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Govt grapples with emissions trading policy -

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ELEANOR HALL: The Federal Government is refusing to say whether it plans to fully compensate
Australians for the increases in the price of petrol and electricity that will flow from the
introduction of a carbon emissions trading scheme. But the Prime Minister says working families and
pensioners will be protected from the price hikes when the scheme begins in 2010.

While the Opposition leader, Brendan Nelson, is insisting that all Australians be fully protected,
the Coalition is also focusing its political firepower on the holiday plans of the Treasury head,
Ken Henry.

But the Government says Dr Henry is perfectly entitled to take five weeks annual leave now to look
after an endangered wombat colony in a remote part of central Queensland.

In Canberra, Alexandra Kirk reports.

ALEXANDRA KIRK: Kevin Rudd has been criticised up hill and down dale for the long working hours
he's demanded of the public service. And he hasn't apologised for the big demands his Government's
placed on the bureaucracy.

But news that the Treasury Secretary Ken Henry is taking five weeks' leave has drawn some criticism
from Opposition leader, Brendan Nelson. The secretary will spend his vacation looking after a
colony of endangered wombats, out of mobile phone range and a couple of hours' drive from the
nearest town.

Dr Nelson is querying the timing of Dr Henry's break.

BRENDAN NELSON: I think we all love the hairy-nosed wombat, but I'm very concerned about who's
actually looking after our muddle-headed Treasurer. This country is in the process of going through
one of the most challenging economic periods that we've seen in recent history. We know that the
most complex and significant economic policy in the form of climate change is in the process of
being considered by Government.

We're supposed to be having root and branch review of the taxation system. Pensioners have been
told they've got to wait for Mr Henry to finish his work.

ALEXANDRA KIRK: The Prime Minister says everyone's entitled to annual leave. He told Fairfax Radio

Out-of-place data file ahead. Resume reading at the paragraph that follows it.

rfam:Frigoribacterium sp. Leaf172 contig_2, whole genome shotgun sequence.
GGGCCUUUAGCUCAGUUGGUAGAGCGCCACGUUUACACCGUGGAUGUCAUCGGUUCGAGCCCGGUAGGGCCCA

Dr Henry hasn't had a chance to take any significant time off in the past seven months.

KEVIN RUDD: Any individual, to remain effective throughout the course of the year needs to take a
break. On the individual details concerning his leave arrangements, that's a matter for him to
resolve with the Treasurer. I'm not across that at all. Remember the government was attacked more
recently for working public servants to the bone.

ALEXANDRA KIRK: Dr Henry's boss, Treasurer Wayne Swan, called a media doorstop on just this topic,
declaring he'd approved Dr Henry's leave.

WAYNE SWAN: It's a logical time for Dr Henry to take leave. He worked through Christmas, he worked
around the clock on the Budget. And now is the time, with the parliamentary session over, for him
to take some leave because there is a lot, lot more to do for the rest of the year and into next

So therefore I do think it is regrettable that we have today this smear campaign from Dr Nelson. I
mean, Dr Nelson thinks it's okay for Alexander Downer to go and play golf, to go to lunch during
Question Time.

ALEXANDRA KIRK: But Mr Swan is not as forthcoming on the question of compensation for the extra
costs of petrol and energy caused by the Government's emissions trading scheme due to start in

WAYNE SWAN: We've made it very clear that compensation will be part and parcel with the
introduction of an emissions trading system. But the detail of that will be fully canvassed in the
Green Paper and the community can have a discussion about all of that while we move through the
process of finalising our plans for an emissions trading system.

ALEXANDRA KIRK: The Opposition leader yesterday demanded the Government fully compensate consumers
for the expected price hikes. This morning the Prime Minister, like his Treasurer, sidestepped the
contentious matter, despite Fairfax Radio's Neil Mitchell's sustained questioning.

KEVIN RUDD: Well, if I was going to irresponsibly provide a series of numbers here now on this
question, it would not add to the debate. The responsible course of action is as I've described -
it may not meet the tabloid needs at the moment -

NEIL MITCHELL: Oh, come on. Tabloid needs?! This is reality Prime Minister. This isn't politics;
this is people paying for petrol.

KEVIN RUDD: No, politics, Neil is when you take at first blush a figure given to you by the Liberal
Party of 30 cents a litre and -

NEIL MITCHELL: Well, you give me an option if you want, and what I am asking is 30 cents, 20 cents,
10 cents, would you compensate us 100 per cent?

KEVIN RUDD: And then inject that into the reality as if it's a given, that's not proven. All we're
saying is the responsible course of action Neil, is to do that on the basis that I have just

ALEXANDRA KIRK: But the Government is definitive about changing its position on nuclear power
generation. Despite the urgings of former premier Bob Carr and the head of the Australian Workers'
Union Paul Howes, Wayne Swan has ruled it out.

WAYNE SWAN: A capital N-O.

JOURNALIST: Never, ever?

WAYNE SWAN: (laughs)

ELEANOR HALL: Alexandra Kirk with that report.